Any good substitutes for alcohol (wine) in cooking?
I've never been a big drinker, but I like wine in cooking... my DH liked wine too - far too much! He went on the wagon fourteen years ago, and he thinks it would be okay to use a little in our food because the alcohol is 'cooked out' but I know that's not really true and I don't want to risk it. What could I use as a wine-substitute in the following dishes?
- the sherry/rice wine/Chinese cooking wine in Asian food.
- fish/chicken in white wine
- coq au vin and chicken marsala (his request)
I really don't think there are any 'good' substitutes for wine, there are just substitutes. If it is just a little bit then it will matter less to the dish, but if it is a lot, as in a coq au vin then I don't think you should make that dish at all. But this might give you some ideas if you feel like experimenting:
The Galloping Gourmet had the same problem as your hubbie and I've heard him say that he uses dealcoholized wine. He will even use this for larger amounts such as the cioppino in which he calls for 2 cups. I have never tried it, but I guess I would try this first if I couldn't use any wine. It likely has the best chance to have acidity and flavor enough.
I think that you are right that there are at least trace amounts of alcohol left in the dishes. The main thing about alcohol burning off is that it seems to burn off longer the longer the dish is cooked. You can google and find a table of the amount that burns off depending on the cooking method:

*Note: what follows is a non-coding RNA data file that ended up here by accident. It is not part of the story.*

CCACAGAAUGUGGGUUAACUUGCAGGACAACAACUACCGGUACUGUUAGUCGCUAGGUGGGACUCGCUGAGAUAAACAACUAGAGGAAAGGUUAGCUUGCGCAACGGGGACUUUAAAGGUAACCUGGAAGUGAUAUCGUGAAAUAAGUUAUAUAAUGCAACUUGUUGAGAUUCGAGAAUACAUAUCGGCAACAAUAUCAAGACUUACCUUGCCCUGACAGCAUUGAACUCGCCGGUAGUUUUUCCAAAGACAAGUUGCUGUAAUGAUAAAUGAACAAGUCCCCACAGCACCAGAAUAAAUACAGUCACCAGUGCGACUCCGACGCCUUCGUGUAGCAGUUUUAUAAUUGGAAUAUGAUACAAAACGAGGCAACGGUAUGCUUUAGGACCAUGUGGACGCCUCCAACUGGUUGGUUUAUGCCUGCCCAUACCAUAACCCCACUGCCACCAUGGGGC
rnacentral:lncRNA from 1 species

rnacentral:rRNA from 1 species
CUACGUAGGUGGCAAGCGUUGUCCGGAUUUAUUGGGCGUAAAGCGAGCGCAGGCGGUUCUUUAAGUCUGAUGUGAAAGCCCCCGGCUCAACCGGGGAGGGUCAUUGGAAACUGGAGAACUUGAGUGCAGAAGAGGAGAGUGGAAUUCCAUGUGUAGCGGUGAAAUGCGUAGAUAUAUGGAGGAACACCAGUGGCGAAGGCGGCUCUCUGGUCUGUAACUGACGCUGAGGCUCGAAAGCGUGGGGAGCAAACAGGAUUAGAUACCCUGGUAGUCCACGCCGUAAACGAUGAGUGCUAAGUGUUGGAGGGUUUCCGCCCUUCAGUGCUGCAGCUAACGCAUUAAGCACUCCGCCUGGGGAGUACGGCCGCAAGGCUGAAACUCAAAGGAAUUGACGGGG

Okay, I know this is going to sound crazy, but believe me, it works in some dishes... I've used Perrier before! It works great for a white wine substitute, anything where a lemony background is fine. I used it for the first time when I was making sauteed mushrooms and realized that I didn't have any white wine at the last minute- subbed the Perrier and my husband said he liked it better that way! Necessity is the mother of all inventions! I think it works well because it has a little zip to it and is bubbly, so it deglazes well.
I apologize for not following the links coconutz posted, but I often make substitiutes for wines in recipes when my rack is empty. Fruit juice and vinegars go a long way towards emulating spirits in many dishes.
Apple juice and sherry vinegar with a dollup of honey make a decent swap for marsala.
Apple juice diluted with 1/4 water with a squirt of lemon juice substitutes well for chardonnays, chablis, and some other medium bodied whites.
Red grapejuice (Not concord), which shows up on grocers shelves from time to time with a splash of red wine vinegar is almost indiscernable from that quarter bottle of cabernet I have sitting next to my stove from the meal from last week.
Asian substitutes are quite easy, too- Mirin, though it is made directly from rice wine, is extremely low in alcohol (I've never gotten it to flame). Rice wine vinegar combined with a dollup of honey to cut the acid works well in many sauce and marinades.